In Nigeria, saying something is “impossible!” is risking being stranded on the island of reality. This time eight years ago, a section of the country badly wanted the mediocre administration of Dr Goodluck Jonathan gone. It seemed impossible, but it happened. Depending on how the odds align, Jonathan may return to Aso Rock again. That will not only mean we would have spent eight years running only to arrive at the same spot from where we started, but also that nothing that resembles social advancement seems possible in Nigeria.
Since the possibility of Jonathan’s second coming started looming, most critics have denounced the move. From pearl-clutching to handwringing, apologetics, and even some reasonable advice for Jonathan not to disgrace himself by aligning with the “enemy” camp, they have said it all. Yes, it is frustrating how our politics never seems to move us past the same band of people.
First, I am aware that Jonathan’s media aide has refuted any claim that he has committed to running the presidential race. At the time of writing this, his membership of the ruling All Progressives Congress has not been formally confirmed either. Still, the fact that he did not firmly announce that he is uninterested in running, or has no plans to ever be on the APC platform, means his potential candidature in that party is within the realm of possibility. I am sure Jonathan is aware that his candidature is merely to undercut other southern Nigeria candidates, but so what? The Nigerian political class has no tribe (or religion). It is a fraternity of calculative hopefuls playing different cards while manipulating the emotionally unintelligent. I also believe Jonathan knows that his presidency will amount to merely filling the calendar gap between 2023 and 2027 but, then, this is also Nigeria. There is not much else to our political process outside jockeying for power and the ultimate access to resources. For a man whose political trajectory has been the good luck of being in the right place at the right time, the myth of his name might even work for him all over again.
Second, I suspect Jonathan himself privately regretted handing over power in 2015. He probably assumed that walking away from the presidency with his head high would institute the norms of democracy and put his name on the right shelf of history. In Africa, where leaders habitually sit tight in office and a peaceful change of power between different political parties is still relatively rare, he must have imagined he was doing something worthwhile. The past seven years must have shown him how much he miscalculated and that his gentlemanly conduct was wasted on a political class who have no concept of honour. Part of the fear then was also that if he contested the result of that election, the country would descend into another round of benumbing violence, worse than what retired Major General Muhammadu Buhari’s followers instigated in 2011. In retrospect, the violence and insecurity that presently bedevil the country because of Buhari’s legendary incompetence are sadder than what our fate might have been in 2015.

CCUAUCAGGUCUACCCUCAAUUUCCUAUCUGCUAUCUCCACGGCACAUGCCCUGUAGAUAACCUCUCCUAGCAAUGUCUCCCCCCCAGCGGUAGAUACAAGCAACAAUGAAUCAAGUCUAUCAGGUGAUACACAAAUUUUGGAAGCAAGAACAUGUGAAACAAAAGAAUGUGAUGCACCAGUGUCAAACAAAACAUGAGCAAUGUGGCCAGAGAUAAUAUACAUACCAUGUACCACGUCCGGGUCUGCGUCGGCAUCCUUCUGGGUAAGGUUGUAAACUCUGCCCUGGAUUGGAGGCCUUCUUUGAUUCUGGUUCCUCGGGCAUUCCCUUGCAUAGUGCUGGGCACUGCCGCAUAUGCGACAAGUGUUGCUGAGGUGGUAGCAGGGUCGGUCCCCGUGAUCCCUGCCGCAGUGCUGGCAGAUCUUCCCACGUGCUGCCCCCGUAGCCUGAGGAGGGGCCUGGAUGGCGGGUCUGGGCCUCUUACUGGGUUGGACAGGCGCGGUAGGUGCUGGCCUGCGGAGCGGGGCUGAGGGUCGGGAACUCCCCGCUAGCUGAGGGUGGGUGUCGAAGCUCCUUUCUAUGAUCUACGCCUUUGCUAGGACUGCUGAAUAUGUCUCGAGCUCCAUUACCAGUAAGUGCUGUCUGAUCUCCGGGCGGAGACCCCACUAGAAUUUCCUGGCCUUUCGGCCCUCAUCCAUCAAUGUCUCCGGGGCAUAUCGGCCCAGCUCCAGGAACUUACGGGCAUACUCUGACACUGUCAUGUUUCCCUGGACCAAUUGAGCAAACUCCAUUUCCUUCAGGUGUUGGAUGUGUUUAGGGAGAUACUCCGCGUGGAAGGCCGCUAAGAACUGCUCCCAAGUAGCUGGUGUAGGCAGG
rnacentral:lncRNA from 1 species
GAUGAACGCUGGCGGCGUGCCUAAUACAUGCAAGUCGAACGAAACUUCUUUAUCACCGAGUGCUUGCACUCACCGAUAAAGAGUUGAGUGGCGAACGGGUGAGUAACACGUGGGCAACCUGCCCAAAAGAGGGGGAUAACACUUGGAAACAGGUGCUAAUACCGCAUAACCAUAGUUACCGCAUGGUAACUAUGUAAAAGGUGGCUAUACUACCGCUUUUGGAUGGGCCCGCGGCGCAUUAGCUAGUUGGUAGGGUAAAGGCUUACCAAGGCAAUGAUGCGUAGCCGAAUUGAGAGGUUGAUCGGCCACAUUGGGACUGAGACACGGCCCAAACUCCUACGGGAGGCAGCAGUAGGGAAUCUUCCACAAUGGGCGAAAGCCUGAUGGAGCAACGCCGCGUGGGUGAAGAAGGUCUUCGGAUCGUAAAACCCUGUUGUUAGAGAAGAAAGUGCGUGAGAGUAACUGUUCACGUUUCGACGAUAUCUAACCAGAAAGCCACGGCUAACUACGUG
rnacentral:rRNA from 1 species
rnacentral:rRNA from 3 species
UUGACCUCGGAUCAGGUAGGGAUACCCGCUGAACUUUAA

Worse still, as fierce and polarising as that election was, it was not even a change from the status quo. Other than wearing a different costume, those who replaced the Jonathan administration were the same old clowns. Apart from Jonathan himself, almost everybody of note that used to be in the Peoples Democratic Party is now in the APC. The ones remaining in PDP will defect in an instant if it guarantees their continuity in power. Once they succeed in officially bringing GEJ to their camp, we can at least be free of the illusion that we run a multi-party democracy. There will be no more beating us on the head with “16 years of the PDP.” We can describe our political history as “24 years of the same menace—and still counting!” We can also stop labouring under the delusion that our politics—as presently construed—can deliver anything more than serial failures. Nigerian politics is merely a means by which people make enough money in order to contest another election.